Like many other traders, back in Harare, Amai Mona will, over the course of the week, sell her purchases at pop-up markets. Their preferred spots include taxi ranks, pavements and, in some cases, closed road lanes, all space where they catch their customers as they return home in the evening. Depending on sales, she will soon schedule another trip back to the border. She is one of many. Sales are good. Vendors are cheaper than retailers, by as much as 50 per cent. Indeed, even conventional retailers have also become customers to some traders, and South African manufacturers have unwittingly found eager distributors.
As in much of Africa, Zimbabwe’s markets and informal vendors are not part of a marginal sub-economy. They are the means through which much of the population sustain their livelihoods. Not only do they provide a vital source of income, they also create a distribution channel that gives people access to some of their most basic supplies.
The real beneficiaries
In a recent twitter diss, Fadzayi Mahere, a prominent Harare lawyer and politician, took a swipe at the new administration’s handling of the cash crisis. She compared it to that of the main opposition party, the Movement for Democratic Change (MDC) back in 2009, when they were in charge of the Ministry of Finance in the Government of National Unity. When you go the distance on that twitter thread – ignoring the arguments about who dollarised the economy – you pick up a sense of despair about Zimbabwe, again finding its economy gripped by a critical lack of liquidity and badly depleted foreign currency reserves. This only a hundred days after the swearing-in of a new Zimbabwean president, who has promised quick fixes to the problems crippling the economy.
It is almost a decade since Zimbabwe officially abandoned its own currency and adopted a multi-currency basket under the Short-Term Economic Recovery Program (STERP) – slightly longer than with the informal market and most of the general public who started using foreign currency to conduct their transactions in the early 2000s.
For a country long shunned by the international community, the widespread availability of the US dollar generated renewed global interest in Zimbabwe’s economic affairs. Those in the Zimbabwean diaspora, who had left the country in biblical numbers in the 2000s, became a source for foreign currency for most families in the country. This trend created a chain of foreign currency “reserves” in the hands of the general public, even though the government and formal financial institutions did not manage to bank these funds. The hyperinflation of the 2000s also encouraged locals to keep their savings in US dollars. If anyone received payment in the local currency, the first thing to do was to change it into the more secure dollar.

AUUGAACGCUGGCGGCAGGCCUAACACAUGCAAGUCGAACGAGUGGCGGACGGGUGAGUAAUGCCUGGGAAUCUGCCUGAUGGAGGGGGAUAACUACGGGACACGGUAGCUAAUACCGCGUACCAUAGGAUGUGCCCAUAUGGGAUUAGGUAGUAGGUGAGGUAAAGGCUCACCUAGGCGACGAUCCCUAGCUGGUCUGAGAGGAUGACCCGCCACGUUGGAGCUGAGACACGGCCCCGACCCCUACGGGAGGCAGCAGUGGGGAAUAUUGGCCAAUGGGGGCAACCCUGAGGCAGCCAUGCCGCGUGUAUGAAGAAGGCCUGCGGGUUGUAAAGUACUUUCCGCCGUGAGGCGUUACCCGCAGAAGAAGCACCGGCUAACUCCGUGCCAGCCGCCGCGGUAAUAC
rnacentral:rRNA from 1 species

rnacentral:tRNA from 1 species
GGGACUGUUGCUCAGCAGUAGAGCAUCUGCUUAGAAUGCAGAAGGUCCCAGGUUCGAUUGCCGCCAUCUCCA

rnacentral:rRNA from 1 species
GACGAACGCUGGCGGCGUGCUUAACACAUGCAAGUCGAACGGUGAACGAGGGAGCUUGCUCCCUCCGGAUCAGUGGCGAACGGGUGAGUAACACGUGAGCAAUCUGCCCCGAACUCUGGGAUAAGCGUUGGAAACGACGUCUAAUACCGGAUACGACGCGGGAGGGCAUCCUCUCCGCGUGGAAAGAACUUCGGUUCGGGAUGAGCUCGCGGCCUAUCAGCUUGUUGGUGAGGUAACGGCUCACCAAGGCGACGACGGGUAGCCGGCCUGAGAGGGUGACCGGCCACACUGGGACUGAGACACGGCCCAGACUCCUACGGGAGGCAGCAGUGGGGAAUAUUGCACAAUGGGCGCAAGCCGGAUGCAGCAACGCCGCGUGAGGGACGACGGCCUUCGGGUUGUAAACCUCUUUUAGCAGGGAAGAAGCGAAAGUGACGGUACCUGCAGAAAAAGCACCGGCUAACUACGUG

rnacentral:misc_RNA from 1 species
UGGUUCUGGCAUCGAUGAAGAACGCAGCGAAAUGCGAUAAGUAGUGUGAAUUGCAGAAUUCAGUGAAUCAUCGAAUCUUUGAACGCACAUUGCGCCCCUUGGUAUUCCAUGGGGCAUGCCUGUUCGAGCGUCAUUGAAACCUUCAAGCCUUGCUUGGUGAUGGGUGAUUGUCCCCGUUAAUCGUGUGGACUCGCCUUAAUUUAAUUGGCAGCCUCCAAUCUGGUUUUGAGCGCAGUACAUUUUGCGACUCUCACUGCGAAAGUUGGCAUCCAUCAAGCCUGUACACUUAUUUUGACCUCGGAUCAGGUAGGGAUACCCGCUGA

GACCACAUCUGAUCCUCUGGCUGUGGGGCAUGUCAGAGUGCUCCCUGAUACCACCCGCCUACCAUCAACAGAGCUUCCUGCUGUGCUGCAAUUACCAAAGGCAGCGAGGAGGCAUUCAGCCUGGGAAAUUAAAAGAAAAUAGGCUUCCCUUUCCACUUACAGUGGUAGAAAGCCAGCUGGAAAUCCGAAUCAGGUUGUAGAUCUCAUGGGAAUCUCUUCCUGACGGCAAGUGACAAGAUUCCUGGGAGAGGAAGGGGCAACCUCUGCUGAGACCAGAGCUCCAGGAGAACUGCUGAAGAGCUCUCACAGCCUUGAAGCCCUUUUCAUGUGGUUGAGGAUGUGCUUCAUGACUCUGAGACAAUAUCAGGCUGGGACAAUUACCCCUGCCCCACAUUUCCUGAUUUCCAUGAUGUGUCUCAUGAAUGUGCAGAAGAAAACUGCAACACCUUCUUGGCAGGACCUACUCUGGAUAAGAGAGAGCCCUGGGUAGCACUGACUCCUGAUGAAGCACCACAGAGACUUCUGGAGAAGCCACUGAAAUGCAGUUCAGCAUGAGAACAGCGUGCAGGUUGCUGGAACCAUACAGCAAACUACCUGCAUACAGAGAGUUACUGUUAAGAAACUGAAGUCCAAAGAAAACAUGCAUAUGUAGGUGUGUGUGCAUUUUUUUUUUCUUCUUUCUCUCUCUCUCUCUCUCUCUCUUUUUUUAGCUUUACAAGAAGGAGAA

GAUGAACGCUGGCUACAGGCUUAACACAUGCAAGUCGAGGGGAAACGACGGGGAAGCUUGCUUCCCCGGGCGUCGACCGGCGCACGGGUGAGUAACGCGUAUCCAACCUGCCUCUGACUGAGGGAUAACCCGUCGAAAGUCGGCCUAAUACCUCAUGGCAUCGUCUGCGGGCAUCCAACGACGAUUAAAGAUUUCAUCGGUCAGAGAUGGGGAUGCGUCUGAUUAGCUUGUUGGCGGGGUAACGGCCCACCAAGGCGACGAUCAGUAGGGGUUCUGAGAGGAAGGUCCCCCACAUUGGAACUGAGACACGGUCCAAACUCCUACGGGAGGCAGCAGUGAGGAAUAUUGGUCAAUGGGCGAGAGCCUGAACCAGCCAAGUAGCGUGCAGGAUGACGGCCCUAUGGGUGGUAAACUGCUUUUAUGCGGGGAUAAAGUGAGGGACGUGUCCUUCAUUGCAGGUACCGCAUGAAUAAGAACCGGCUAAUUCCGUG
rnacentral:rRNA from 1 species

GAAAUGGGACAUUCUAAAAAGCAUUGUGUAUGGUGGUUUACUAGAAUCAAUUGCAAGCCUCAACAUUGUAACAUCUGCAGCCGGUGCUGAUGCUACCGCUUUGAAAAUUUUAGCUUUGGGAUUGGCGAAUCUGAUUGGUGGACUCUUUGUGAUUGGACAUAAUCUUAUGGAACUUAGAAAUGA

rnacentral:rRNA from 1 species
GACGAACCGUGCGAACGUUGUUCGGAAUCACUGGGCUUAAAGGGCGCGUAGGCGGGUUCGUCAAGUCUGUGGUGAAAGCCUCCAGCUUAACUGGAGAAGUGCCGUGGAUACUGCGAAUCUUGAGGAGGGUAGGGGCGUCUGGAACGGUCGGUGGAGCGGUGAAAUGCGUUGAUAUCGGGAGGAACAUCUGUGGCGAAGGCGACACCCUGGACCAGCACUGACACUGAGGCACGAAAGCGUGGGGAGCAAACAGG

At the turn of the decade, when the country officially adopted a multi-currency regime, it took off largely on the back of the foreign currency stocks already circulating and the savings (virtual reserves) held by the general public in hard cash. Zimbabwe suddenly had an influx of foreign companies, almost all from South Africa, that quickly opened up shop and began a process of mopping up the US dollar, a currency performing better, at the time, than the South African Rand. They quickly grabbed the low hanging fruit and were rewarded handsomely, when most local players were still scrambling around trying to find their knickers and recover from a decade of devastating economic downturn. Many South African entries established operations in cities close to the Zimbabwe border and others created synergies with local companies in pursuit of the US dollar. They did so without ever inducing any form of industrial recapitalisation or long-term investment.
Certainly, South African companies were not the only ones that benefitted, but because of their proximity and association to and with Zimbabwe, they benefitted most. You cannot miss the irony, given the slights that Zimbabwe and its government endured the last two decades, which these same companies drove and animated through negative press, as well as by their flagrant lack of long-term commitments to Zimbabwe’s economic growth. During that period, Zimbabwean products were overvalued by an estimated 15 per cent compared to similar US Dollar-priced products using the purchasing price parity (PPP) model. A product that would cost the equivalent of one dollar in an economy such as South Africa on a PPP model, was trading at approximately US$1.15 in Zimbabwe, presenting the perfect arbitrage opportunity on the part of South African players.